Deferred benefits of dominance for natal males in a cooperative breeder, the Kalahari meerkat

Helen Clare Spence-Jones*, A. M. Brehm, D. Cram, D. Gaynor, J. Thorley, M. B. Manser, T. H. Clutton-Brock

*Corresponding author for this work

Research output: Contribution to journalArticlepeer-review

1 Citation (Scopus)
3 Downloads (Pure)


In many cooperatively breeding mammals, an unrelated dominant pair monopolizes reproduction in the social group while subordinates help to raise their offspring. In Kalahari meerkats (Suricata suricatta), dominant males are usually immigrants while dominant females are natal animals that have not left the group where they were born. However, in around 20% of cases, a natal male acquires and holds the dominant position – despite being closely related to the dominant female. Natal dominant males seldom mate within their group (either with the dominant female or with subordinate females) and the benefits they accrue from acquiring and maintaining the dominant position are not obvious. Here, we describe the circumstances in which natal males acquire dominance and explore the possible benefits they gain by comparing the life history, growth and behavioural differences between natal dominants, natal subordinates and immigrant dominants in wild groups. We show that natal dominant males do not appear to obtain any survival, nutritional or reproductive benefits from their status while they remain in the natal group. However, after dispersing from their natal group, they have a higher chance of acquiring dominant status in another breeding group, suggesting that acquiring dominance in their natal group has deferred direct fitness benefits for male meerkats.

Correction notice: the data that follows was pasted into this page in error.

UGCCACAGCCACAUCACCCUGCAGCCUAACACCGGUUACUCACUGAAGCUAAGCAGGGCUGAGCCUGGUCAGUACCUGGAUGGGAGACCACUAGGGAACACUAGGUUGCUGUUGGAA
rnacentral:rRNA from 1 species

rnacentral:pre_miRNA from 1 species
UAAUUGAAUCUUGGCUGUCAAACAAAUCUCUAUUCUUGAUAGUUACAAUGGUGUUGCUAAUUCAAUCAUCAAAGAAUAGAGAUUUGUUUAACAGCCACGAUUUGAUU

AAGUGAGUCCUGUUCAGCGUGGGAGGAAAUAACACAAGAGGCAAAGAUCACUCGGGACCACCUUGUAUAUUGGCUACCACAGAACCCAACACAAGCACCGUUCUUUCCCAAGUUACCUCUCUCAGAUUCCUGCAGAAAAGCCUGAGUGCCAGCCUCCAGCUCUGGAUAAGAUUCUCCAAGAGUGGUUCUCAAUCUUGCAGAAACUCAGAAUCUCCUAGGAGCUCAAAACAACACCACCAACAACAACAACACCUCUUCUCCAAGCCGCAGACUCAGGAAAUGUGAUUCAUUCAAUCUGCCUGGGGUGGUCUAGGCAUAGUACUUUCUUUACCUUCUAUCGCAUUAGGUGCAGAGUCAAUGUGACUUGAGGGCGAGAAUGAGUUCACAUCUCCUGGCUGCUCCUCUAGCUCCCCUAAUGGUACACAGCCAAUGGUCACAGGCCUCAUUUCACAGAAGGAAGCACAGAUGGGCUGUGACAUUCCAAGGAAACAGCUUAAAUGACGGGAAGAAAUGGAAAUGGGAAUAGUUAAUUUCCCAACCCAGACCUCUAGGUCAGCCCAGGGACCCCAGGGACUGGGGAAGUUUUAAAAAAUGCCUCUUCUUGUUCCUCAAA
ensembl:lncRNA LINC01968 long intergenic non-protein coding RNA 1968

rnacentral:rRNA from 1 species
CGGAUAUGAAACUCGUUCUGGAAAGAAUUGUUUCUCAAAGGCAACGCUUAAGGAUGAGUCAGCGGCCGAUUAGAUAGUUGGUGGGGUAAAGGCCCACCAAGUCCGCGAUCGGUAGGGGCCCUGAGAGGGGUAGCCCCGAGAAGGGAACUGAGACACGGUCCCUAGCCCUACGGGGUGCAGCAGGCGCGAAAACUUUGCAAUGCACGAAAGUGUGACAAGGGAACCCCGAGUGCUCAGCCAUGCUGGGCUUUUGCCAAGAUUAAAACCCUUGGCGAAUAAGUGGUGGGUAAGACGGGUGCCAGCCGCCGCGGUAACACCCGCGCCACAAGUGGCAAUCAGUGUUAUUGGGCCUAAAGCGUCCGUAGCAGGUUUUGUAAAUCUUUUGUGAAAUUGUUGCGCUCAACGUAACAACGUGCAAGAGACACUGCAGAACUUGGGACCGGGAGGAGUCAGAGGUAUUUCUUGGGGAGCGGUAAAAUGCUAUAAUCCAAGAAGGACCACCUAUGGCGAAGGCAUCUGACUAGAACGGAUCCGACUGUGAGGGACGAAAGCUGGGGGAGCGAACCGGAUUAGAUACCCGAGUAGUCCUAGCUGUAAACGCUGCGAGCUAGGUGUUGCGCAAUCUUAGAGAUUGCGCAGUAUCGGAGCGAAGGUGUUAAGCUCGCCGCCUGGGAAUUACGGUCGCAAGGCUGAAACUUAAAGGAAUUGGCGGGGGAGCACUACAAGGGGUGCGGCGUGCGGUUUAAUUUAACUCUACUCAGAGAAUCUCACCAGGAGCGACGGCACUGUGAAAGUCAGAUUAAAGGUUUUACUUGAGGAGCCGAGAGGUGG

Original languageEnglish
Number of pages10
JournalJournal of Zoology
VolumeEarly View
Early online date22 Jul 2021
Publication statusE-pub ahead of print - 22 Jul 2021


  • Natal dominance
  • Delayed dispersal
  • Male philopatry
  • Cooperative breeding
  • Suricatta
  • Fitness benefits


Dive into the research topics of 'Deferred benefits of dominance for natal males in a cooperative breeder, the Kalahari meerkat'. Together they form a unique fingerprint.

Cite this